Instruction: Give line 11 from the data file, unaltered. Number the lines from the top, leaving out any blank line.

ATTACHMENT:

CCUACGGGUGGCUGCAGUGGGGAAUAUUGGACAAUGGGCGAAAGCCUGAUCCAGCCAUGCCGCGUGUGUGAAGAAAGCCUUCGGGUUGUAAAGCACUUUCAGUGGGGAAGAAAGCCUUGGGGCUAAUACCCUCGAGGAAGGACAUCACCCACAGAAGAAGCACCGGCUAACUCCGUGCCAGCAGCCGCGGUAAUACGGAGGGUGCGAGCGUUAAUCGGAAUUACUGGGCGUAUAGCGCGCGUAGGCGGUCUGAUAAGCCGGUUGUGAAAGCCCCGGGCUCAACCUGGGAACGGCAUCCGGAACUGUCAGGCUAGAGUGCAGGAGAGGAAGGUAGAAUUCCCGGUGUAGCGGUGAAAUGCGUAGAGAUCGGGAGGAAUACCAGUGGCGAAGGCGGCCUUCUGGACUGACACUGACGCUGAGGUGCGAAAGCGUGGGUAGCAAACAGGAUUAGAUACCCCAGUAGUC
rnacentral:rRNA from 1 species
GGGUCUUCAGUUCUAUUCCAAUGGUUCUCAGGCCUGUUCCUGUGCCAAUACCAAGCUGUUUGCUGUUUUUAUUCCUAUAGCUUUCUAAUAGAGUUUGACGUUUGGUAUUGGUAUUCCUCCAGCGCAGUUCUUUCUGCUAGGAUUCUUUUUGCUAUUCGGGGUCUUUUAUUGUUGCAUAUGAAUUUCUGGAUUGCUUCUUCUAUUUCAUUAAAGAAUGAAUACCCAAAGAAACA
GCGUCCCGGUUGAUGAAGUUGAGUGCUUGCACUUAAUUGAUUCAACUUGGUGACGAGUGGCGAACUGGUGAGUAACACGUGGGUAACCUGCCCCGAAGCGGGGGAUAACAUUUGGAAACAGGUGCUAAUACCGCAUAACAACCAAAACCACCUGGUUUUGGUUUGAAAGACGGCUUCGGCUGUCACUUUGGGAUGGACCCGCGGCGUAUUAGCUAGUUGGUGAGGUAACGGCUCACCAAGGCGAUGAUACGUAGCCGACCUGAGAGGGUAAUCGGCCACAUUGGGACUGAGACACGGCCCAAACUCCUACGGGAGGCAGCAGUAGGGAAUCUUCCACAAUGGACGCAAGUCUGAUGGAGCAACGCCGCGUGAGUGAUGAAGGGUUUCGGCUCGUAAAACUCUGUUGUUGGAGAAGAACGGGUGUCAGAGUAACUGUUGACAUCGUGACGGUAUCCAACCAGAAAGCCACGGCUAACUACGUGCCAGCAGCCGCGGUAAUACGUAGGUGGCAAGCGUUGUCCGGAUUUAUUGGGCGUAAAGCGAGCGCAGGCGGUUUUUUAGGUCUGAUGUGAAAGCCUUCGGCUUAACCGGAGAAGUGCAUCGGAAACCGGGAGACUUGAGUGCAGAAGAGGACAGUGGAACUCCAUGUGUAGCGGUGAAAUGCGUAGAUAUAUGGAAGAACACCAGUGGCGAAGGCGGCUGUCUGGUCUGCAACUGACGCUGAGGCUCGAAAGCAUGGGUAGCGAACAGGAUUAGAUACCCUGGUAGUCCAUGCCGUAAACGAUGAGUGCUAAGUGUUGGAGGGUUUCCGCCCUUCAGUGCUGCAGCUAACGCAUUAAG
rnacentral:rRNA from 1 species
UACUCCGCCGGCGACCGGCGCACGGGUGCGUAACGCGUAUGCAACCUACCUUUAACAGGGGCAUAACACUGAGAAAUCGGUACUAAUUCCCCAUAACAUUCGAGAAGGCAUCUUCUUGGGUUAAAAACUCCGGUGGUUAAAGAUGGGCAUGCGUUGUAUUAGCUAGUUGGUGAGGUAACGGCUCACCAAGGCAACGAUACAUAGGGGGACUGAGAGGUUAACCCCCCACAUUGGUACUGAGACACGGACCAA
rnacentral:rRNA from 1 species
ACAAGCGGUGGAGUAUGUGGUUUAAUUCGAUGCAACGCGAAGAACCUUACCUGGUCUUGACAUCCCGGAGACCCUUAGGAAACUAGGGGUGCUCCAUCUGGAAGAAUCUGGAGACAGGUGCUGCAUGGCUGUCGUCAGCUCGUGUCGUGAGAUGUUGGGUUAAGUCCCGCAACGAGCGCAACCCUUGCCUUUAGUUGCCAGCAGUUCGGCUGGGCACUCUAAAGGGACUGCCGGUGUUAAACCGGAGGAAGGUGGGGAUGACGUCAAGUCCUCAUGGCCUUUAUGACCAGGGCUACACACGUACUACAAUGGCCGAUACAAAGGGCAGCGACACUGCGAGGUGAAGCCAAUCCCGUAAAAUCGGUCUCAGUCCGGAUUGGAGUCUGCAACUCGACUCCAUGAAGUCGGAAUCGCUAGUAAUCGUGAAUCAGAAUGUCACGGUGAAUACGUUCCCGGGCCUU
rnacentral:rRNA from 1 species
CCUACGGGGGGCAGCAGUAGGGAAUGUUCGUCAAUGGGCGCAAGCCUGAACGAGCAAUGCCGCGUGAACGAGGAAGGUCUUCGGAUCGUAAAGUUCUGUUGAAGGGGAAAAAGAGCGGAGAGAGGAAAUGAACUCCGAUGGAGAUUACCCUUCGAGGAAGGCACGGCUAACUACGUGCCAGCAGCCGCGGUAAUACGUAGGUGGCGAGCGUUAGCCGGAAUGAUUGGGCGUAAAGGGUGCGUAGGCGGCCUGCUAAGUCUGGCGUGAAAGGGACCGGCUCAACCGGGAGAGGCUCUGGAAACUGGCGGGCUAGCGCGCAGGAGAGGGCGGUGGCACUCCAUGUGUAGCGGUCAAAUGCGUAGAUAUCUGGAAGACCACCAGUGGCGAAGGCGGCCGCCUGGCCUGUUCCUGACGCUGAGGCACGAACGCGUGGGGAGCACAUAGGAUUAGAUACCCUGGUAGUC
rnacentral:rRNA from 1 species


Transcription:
rnacentral:rRNA from 1 species